Treasurer Releases Blueprint for Infrastructure Growth and Innovation. State Treasurer John Chiang today released an extensive blueprint for fixing California’s dilapidated roads, bridges and other infrastructure. The report also takes on many of the seemingly-intractable problems facing Californians today, from its affordable housing shortage and emerging retirement security crisis to local government bankruptcy and predatory-ADA lawsuits.
The 25-page, document — “Building California’s Future Begins Today” expresses in detail the treasurer’s vision for modernizing public finance and creating better lives for all Californians.
Chiang made his report public during a meeting of the California Business Roundtable, where he stressed the importance of working with private sector leaders in solidifying the Golden State’s deserved reputation as a home to some of the world’s most innovative corporations.
“I want you to join me in the effort to construct a 21st-century economy. One that cements our position as a world economic power, but remembers that a thriving private sector is reliant on a thriving private sector workforce. One that embraces the high-tech, bio-tech, and green-tech giants which have made California the cradle of global innovation but also the ma-and-pa entrepreneurs which account for much of our new job growth,” said Chiang.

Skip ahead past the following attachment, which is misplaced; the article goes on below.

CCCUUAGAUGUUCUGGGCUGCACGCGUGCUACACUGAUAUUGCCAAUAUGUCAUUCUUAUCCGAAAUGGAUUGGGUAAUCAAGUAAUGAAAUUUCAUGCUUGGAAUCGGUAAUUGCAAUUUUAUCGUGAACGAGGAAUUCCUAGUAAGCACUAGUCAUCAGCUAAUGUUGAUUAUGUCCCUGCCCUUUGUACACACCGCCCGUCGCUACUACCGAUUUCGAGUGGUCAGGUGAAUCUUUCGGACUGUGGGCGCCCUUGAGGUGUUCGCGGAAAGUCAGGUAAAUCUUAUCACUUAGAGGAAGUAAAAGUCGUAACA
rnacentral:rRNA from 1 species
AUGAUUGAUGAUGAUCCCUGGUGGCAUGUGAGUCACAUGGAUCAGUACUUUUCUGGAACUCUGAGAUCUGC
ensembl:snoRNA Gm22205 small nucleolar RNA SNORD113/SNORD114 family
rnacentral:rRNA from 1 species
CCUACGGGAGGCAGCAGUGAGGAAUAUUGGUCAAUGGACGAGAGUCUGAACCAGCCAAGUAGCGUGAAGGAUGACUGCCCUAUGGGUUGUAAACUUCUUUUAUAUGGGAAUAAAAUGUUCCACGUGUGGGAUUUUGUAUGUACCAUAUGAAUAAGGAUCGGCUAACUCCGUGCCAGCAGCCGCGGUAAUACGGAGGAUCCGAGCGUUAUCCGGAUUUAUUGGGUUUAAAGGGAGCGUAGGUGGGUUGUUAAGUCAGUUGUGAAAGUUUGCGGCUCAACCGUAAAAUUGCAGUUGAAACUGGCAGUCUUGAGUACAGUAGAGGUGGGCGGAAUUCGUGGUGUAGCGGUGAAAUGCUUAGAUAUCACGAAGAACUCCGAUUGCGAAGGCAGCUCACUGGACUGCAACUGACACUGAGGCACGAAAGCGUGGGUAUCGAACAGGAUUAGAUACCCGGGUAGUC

The Biennial Report contains a series of concrete proposals to identify, prioritize and pay for new public works construction of highways, water projects, state buildings, parks, schools and universities. At least $850 billion worth of new public works must be built in coming years, warns California Forward, a nonpartisan think-tank.
“Finding that kind of money is an enormous challenge,” said Chiang. “That is why I have come up with necessary foundational steps in a long-range plan for rebuilding California’s public works.”
Here is an outline of the Treasurer’s three-step approach to reinvesting in California:
- First, perform a statewide inventory of California’s growing infrastructure deficit. This inventory would include a detailed list of all major capital assets, an evaluation of its remaining useful life and the cost replacing it or doing nothing.
- Then, figure out the best way to pay for construction, using a combination of innovative public and private investments.